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31 minutes ago, JosephM said:

...... all creation experiences the  'more'  howbeit not all are consciously aware or make the differentiation..

I wonder: seems there has to be self-conscious mind and 'language' to not only make the differentiation but to experience it (i.e. the more). It seems animal experience is always the 'now,'

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3 hours ago, thormas said:

I wonder: seems there has to be self-conscious mind and 'language' to not only make the differentiation but to experience it (i.e. the more). It seems animal experience is always the 'now,'

Not sure about this.  My dog has a definite daily routine.  Sleeps in specific places at different times of day, knows when the wife and daughter are due to come home, comes to me for pets about 8 P.M.  I think she has a cognitive continuity over time.

perhaps there cues other than time, but I can't identify any.

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1 hour ago, Burl said:

Not sure about this.  My dog has a definite daily routine.  Sleeps in specific places at different times of day, knows when the wife and daughter are due to come home, comes to me for pets about 8 P.M.  I think she has a cognitive continuity over time.

perhaps there cues other than time, but I can't identify any.

I agree with this, my dog has his routines also. Even the cognitive continuity over time makes sense - yet that time seems like it all has to do with his 'ongoing' now. Just like his constant fixation: ball, ball, where's the ball, play ball, ball, ball, ball.........

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7 hours ago, thormas said:

I agree with this, my dog has his routines also. Even the cognitive continuity over time makes sense - yet that time seems like it all has to do with his 'ongoing' now. Just like his constant fixation: ball, ball, where's the ball, play ball, ball, ball, ball.........

Dogs are special.  Large frontal lobes, they are the research animal of choice for sexuality.  Nice work if you can get it.  They are also the only animal that understands what you want when you point to it.  

So I will take the question a step further.  Does the existence of a circadian rhythm in any living thing positively disprove the notion of the existence of only 'the eternal now'?  Doesn't the development of any plant or animal demand that we accept the flow of time as a reality and not an illusion?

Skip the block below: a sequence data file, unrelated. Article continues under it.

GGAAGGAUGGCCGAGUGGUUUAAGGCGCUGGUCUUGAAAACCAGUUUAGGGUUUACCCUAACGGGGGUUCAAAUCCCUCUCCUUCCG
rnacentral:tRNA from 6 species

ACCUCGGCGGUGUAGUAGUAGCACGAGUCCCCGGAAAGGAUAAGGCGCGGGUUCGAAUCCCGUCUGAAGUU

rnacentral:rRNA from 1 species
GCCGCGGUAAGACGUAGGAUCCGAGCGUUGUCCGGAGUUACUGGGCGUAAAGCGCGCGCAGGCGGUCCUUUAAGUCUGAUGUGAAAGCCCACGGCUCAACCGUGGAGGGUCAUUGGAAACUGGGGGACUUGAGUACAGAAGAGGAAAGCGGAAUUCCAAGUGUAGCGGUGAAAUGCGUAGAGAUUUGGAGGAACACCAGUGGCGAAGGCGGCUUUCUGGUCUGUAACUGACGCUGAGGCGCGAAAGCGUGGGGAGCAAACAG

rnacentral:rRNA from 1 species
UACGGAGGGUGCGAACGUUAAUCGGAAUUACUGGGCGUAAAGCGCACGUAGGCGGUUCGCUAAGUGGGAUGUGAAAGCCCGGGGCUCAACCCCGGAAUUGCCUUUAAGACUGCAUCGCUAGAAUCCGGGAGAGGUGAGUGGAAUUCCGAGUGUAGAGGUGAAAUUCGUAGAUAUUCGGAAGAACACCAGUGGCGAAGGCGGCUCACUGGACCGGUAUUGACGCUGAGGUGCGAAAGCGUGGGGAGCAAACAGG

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10 hours ago, Burl said:

Dogs are special.  Large frontal lobes, they are the research animal of choice for sexuality.  Nice work if you can get it.  They are also the only animal that understands what you want when you point to it.  

So I will take the question a step further.  Does the existence of a circadian rhythm in any living thing positively disprove the notion of the existence of only 'the eternal now'?  Doesn't the development of any plant or animal demand that we accept the flow of time as a reality and not an illusion?

Time is definitely reality - and not illusion. By 'ongoing now' for a dog, even though I agree they learn, dream, remember (or again is it learned behavior and instinct) I don't think they are conscious of self (self reflective) - as are we, and it is this self-consciousness that allows us to 'straddle' past, present and future.

But, again, this is not my expertise.........by a long shot.

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12 hours ago, Burl said:

Snip

 Doesn't the development of any plant or animal demand that we accept the flow of time as a reality and not an illusion?

No,  not at all. It is a highly controversial subject even among physicists. The flow of time doesn't prove reality as it is made up of human memories or a succession of snapshots that without we would have no notion of time. Its basic properties come from our mental state rather than the physical world. 

"We can portray our reality as either a three-dimensional place where stuff happens over time," said Massachusetts Institute of Technology physicist Max Tegmark, "or as a four-dimensional place where nothing happens [‘block universe’] — and if it really is the second picture, then change really is an illusion, because there's nothing that's changing; it's all just there — past, present, future.

It seems to me it remains an open view/opinion rather than demanding we accept time as reality and not illusion because a plant or animal appears to develop.

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34 minutes ago, JosephM said:

No,  not at all. It is a highly controversial subject even among physicists. The flow of time doesn't prove reality as it is made up of human memories or a succession of snapshots that without we would have no notion of time. Its basic properties come from our mental state rather than the physical world. 

"We can portray our reality as either a three-dimensional place where stuff happens over time," said Massachusetts Institute of Technology physicist Max Tegmark, "or as a four-dimensional place where nothing happens [‘block universe’] — and if it really is the second picture, then change really is an illusion, because there's nothing that's changing; it's all just there — past, present, future.

It seems to me it remains an open view/opinion rather than demanding we accept time as reality and not illusion because a plant or animal appears to develop.

Isn't what you describe, above about the flow of time, more about how the human 'captures' time - as opposed to the reality that, for example, dinosaurs, not part of human memory or any individuals succession of snapshots, do not exist in 'this' time but did in a past 'time?'